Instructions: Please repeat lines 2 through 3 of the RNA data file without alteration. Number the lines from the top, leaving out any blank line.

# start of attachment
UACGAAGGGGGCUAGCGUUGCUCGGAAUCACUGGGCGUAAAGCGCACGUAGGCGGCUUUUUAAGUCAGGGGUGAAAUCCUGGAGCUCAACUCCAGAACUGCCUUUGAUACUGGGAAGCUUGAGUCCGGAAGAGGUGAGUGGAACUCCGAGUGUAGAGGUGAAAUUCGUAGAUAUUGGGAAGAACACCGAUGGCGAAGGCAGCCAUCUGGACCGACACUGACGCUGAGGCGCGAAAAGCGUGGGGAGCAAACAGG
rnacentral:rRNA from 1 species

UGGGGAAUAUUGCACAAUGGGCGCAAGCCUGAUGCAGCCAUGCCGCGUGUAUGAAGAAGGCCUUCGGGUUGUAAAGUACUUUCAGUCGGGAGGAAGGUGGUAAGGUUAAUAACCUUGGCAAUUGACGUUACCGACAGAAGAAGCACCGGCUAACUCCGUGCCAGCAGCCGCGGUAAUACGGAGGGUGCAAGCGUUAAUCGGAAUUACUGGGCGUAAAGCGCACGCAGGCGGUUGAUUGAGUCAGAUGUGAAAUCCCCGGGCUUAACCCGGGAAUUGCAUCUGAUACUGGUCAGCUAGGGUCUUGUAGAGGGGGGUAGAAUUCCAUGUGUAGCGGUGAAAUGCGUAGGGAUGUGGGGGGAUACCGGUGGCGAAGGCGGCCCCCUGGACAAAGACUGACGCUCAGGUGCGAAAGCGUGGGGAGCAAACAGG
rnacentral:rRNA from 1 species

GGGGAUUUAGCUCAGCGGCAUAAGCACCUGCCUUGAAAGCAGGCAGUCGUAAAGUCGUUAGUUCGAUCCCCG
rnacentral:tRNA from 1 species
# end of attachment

rnacentral:rRNA from 1 species

UGGGGAAUAUUGCACAAUGGGCGCAAGCCUGAUGCAGCCAUGCCGCGUGUAUGAAGAAGGCCUUCGGGUUGUAAAGUACUUUCAGUCGGGAGGAAGGUGGUAAGGUUAAUAACCUUGGCAAUUGACGUUACCGACAGAAGAAGCACCGGCUAACUCCGUGCCAGCAGCCGCGGUAAUACGGAGGGUGCAAGCGUUAAUCGGAAUUACUGGGCGUAAAGCGCACGCAGGCGGUUGAUUGAGUCAGAUGUGAAAUCCCCGGGCUUAACCCGGGAAUUGCAUCUGAUACUGGUCAGCUAGGGUCUUGUAGAGGGGGGUAGAAUUCCAUGUGUAGCGGUGAAAUGCGUAGGGAUGUGGGGGGAUACCGGUGGCGAAGGCGGCCCCCUGGACAAAGACUGACGCUCAGGUGCGAAAGCGUGGGGAGCAAACAGG